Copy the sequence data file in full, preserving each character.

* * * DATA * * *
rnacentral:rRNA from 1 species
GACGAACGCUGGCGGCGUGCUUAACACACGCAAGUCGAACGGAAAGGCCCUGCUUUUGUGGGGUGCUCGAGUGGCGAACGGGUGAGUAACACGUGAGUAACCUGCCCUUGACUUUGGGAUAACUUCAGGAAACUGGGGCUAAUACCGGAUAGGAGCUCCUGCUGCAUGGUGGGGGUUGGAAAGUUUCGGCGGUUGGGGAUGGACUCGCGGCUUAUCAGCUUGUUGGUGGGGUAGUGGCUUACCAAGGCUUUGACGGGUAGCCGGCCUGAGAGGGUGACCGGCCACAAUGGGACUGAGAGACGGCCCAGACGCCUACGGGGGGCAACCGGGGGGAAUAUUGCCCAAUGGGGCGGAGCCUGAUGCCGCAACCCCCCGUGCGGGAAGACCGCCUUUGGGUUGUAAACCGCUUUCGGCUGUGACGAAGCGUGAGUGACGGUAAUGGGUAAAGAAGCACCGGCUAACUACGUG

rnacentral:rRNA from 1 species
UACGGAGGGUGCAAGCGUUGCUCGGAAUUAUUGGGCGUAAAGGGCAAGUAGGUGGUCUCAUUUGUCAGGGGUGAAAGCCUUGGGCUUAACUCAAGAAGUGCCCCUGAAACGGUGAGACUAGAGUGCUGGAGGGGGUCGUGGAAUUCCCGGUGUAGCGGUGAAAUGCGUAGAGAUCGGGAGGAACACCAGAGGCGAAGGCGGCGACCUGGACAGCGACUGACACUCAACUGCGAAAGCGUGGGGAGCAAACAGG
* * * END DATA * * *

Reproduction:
rnacentral:rRNA from 1 species
GACGAACGCUGGCGGCGUGCUUAACACACGCAAGUCGAACGGAAAGGCCCUGCUUUUGUGGGGUGCUCGAGUGGCGAACGGGUGAGUAACACGUGAGUAACCUGCCCUUGACUUUGGGAUAACUUCAGGAAACUGGGGCUAAUACCGGAUAGGAGCUCCUGCUGCAUGGUGGGGGUUGGAAAGUUUCGGCGGUUGGGGAUGGACUCGCGGCUUAUCAGCUUGUUGGUGGGGUAGUGGCUUACCAAGGCUUUGACGGGUAGCCGGCCUGAGAGGGUGACCGGCCACAAUGGGACUGAGAGACGGCCCAGACGCCUACGGGGGGCAACCGGGGGGAAUAUUGCCCAAUGGGGCGGAGCCUGAUGCCGCAACCCCCCGUGCGGGAAGACCGCCUUUGGGUUGUAAACCGCUUUCGGCUGUGACGAAGCGUGAGUGACGGUAAUGGGUAAAGAAGCACCGGCUAACUACGUG

rnacentral:rRNA from 1 species
UACGGAGGGUGCAAGCGUUGCUCGGAAUUAUUGGGCGUAAAGGGCAAGUAGGUGGUCUCAUUUGUCAGGGGUGAAAGCCUUGGGCUUAACUCAAGAAGUGCCCCUGAAACGGUGAGACUAGAGUGCUGGAGGGGGUCGUGGAAUUCCCGGUGUAGCGGUGAAAUGCGUAGAGAUCGGGAGGAACACCAGAGGCGAAGGCGGCGACCUGGACAGCGACUGACACUCAACUGCGAAAGCGUGGGGAGCAAACAGG